I am for the art of crayons and weak grey pencil-lead, and grainy wash and sticky oil paint, and the art of windshield wipers and the art of the finger on a cold window, on dusty steel or in the bubbles on the sides of a bathtub. I am for the art of teddy-bears and guns and decapitated rabbits, exploded umbrellas, raped beds, chairs with their brown bones broken, burning trees, firecracker ends, chicken bones, pigeon bones and boxes with men sleeping in them.

The following is from ‘The Analysis of Culture’ by Raymond Williams (1961):

… We can learn a great deal of the life of other places and times, but certain elements, it seems to me, will always be irrecoverable. Even those that can be recovered are recovered in abstraction, and this is of crucial importance. We learn each element as a precipitate, but in the living experience of the time every element was in solution, an inseparable part of a complex whole. The most difficult thing to get hold of, in studying any past period, is this felt sense of the quality of life at a particular place and time: a sense of the ways in which the particular activities combined into a way of thinking and living. … Almost any formal description would be too crude to express this nevertheless quite distinct sense of a particular and native style. And if this is so, in a way of life we know intimately, it will surely be so when we ourselves are in the position of the visitor, the learner, the guest from a different generation: the position, in fact, that we are all in, when we study any past period. Though it can be turned to trivial account, the fact of such a characteristic is neither trivial nor marginal: it feels quite central.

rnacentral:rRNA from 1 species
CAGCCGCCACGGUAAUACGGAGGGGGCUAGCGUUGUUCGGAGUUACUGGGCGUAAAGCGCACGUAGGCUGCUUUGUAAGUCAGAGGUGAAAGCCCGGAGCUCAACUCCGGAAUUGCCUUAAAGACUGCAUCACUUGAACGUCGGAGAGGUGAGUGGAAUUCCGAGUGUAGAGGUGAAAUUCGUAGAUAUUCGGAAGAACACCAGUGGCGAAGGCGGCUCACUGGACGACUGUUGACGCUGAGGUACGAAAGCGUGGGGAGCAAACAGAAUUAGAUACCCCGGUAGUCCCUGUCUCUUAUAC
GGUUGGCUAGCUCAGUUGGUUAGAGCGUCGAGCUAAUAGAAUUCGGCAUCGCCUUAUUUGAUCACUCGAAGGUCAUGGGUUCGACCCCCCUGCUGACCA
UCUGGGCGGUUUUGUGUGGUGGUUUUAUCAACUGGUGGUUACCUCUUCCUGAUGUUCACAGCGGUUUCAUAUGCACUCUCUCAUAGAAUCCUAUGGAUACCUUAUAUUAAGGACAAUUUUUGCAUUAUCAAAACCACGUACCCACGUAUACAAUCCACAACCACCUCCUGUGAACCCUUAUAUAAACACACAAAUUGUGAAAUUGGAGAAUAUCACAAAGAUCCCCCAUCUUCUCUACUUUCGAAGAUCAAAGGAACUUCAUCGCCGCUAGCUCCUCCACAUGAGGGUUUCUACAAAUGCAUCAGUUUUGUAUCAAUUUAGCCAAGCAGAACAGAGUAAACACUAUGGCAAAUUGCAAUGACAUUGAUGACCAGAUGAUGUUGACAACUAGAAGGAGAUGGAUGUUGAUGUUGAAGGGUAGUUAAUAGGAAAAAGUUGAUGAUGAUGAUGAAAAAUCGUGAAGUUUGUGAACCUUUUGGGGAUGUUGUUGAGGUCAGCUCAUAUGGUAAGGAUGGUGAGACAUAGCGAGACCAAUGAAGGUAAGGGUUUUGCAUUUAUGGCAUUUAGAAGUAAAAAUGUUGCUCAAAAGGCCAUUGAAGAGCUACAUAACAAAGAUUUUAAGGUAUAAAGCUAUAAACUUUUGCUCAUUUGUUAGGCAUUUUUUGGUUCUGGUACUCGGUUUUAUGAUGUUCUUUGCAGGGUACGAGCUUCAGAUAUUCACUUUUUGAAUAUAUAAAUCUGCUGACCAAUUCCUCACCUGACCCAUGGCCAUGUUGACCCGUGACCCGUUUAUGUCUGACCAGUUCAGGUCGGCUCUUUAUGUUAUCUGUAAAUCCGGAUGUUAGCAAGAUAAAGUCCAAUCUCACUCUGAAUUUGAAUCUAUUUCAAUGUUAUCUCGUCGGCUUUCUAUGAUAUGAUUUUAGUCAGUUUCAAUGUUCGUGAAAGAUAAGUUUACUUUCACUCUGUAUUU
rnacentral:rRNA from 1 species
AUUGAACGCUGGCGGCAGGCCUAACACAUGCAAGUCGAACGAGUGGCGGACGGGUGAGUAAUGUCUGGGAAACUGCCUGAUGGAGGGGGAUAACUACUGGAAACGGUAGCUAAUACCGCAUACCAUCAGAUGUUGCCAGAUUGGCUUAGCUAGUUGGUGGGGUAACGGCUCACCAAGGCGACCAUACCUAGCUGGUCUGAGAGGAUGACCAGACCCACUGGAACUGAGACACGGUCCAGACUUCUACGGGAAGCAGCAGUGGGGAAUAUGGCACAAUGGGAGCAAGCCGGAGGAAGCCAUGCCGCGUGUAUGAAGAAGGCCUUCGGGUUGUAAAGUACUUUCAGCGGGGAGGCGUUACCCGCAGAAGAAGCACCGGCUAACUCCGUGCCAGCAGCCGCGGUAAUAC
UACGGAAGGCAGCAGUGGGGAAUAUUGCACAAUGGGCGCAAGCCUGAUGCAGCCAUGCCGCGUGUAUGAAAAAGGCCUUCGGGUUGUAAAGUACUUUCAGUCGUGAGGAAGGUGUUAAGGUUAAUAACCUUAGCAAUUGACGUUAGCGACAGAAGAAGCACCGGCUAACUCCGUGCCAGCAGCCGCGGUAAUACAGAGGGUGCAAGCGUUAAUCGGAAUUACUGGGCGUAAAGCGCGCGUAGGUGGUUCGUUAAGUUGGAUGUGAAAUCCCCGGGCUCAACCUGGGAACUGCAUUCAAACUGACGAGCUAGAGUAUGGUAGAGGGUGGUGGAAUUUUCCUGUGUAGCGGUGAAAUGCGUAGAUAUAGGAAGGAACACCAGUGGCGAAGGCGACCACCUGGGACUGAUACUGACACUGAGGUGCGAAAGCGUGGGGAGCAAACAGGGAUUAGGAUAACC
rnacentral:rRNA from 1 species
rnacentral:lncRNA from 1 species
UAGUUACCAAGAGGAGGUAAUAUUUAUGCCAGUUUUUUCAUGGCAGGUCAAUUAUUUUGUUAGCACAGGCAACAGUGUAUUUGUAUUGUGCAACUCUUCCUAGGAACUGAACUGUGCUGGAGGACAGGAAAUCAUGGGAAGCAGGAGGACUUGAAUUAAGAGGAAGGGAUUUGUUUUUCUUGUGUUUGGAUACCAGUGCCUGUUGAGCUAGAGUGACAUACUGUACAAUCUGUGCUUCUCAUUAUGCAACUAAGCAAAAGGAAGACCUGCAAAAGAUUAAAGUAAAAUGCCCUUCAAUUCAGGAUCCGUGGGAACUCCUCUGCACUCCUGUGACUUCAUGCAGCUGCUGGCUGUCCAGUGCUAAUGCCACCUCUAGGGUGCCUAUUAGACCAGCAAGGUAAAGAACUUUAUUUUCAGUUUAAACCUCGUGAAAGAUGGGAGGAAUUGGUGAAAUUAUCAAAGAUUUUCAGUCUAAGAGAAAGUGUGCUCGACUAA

The term I would suggest to describe it is structure of feeling: it is as firm and definite as ‘structure’ suggests, yet it operates in the most delicate and least tangible parts of the activity. In one sense, this structure of feeling is the culture of a period: it is the particular living result of all the elements in the general organization. And it is in this respect that the arts of a period, taking these to include characteristic approaches and tones in argument, are of major importance. For here, if anywhere, this characteristic is likely to be expressed often not consciously, but by the fact that here, in the only examples we have of recorded communication that outlives its bearers, the actual living sense, the deep community that makes the communication possible, is naturally drawn upon. I do not mean that the structure of feeling, any more than the social character, is possessed in the same way by the many individuals in the community. But I think it is a very deep and very wide possession, in all actual communities, precisely because it is on it that communication depends. And what is particularly interesting is that it does not seem to be, in any formal sense, learned.

… if we reflect on the nature of a structure of feeling, and see how it can fail to be fully understood even by living people in close contact with it, with ample material at their disposal, including the contemporary arts, we shall not suppose that we can ever do more than make an approach, an approximation, using many channels.

-Julie